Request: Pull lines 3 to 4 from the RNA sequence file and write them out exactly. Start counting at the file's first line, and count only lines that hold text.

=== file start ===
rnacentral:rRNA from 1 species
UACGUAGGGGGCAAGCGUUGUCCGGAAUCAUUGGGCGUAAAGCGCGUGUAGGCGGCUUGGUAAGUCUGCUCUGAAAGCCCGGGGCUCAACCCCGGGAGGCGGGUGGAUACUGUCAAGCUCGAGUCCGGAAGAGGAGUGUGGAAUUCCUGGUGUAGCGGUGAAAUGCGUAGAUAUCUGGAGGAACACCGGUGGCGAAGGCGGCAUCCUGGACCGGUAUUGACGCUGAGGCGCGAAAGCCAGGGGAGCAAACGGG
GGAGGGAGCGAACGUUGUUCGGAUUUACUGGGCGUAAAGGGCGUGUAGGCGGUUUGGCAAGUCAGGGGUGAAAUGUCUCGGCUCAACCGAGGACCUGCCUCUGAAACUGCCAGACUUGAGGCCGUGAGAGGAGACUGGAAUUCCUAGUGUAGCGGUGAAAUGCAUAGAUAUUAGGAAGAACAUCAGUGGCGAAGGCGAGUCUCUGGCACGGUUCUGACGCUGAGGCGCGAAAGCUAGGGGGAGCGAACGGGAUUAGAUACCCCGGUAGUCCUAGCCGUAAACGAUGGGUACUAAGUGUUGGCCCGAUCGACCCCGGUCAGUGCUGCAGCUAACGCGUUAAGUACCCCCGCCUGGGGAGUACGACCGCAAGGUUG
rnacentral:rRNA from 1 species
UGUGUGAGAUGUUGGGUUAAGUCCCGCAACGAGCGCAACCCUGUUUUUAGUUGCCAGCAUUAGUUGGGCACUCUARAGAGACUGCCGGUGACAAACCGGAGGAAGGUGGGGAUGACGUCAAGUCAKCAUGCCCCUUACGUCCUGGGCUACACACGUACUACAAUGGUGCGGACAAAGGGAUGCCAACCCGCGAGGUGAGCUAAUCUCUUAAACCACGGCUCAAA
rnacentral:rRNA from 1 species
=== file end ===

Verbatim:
GGAGGGAGCGAACGUUGUUCGGAUUUACUGGGCGUAAAGGGCGUGUAGGCGGUUUGGCAAGUCAGGGGUGAAAUGUCUCGGCUCAACCGAGGACCUGCCUCUGAAACUGCCAGACUUGAGGCCGUGAGAGGAGACUGGAAUUCCUAGUGUAGCGGUGAAAUGCAUAGAUAUUAGGAAGAACAUCAGUGGCGAAGGCGAGUCUCUGGCACGGUUCUGACGCUGAGGCGCGAAAGCUAGGGGGAGCGAACGGGAUUAGAUACCCCGGUAGUCCUAGCCGUAAACGAUGGGUACUAAGUGUUGGCCCGAUCGACCCCGGUCAGUGCUGCAGCUAACGCGUUAAGUACCCCCGCCUGGGGAGUACGACCGCAAGGUUG
rnacentral:rRNA from 1 species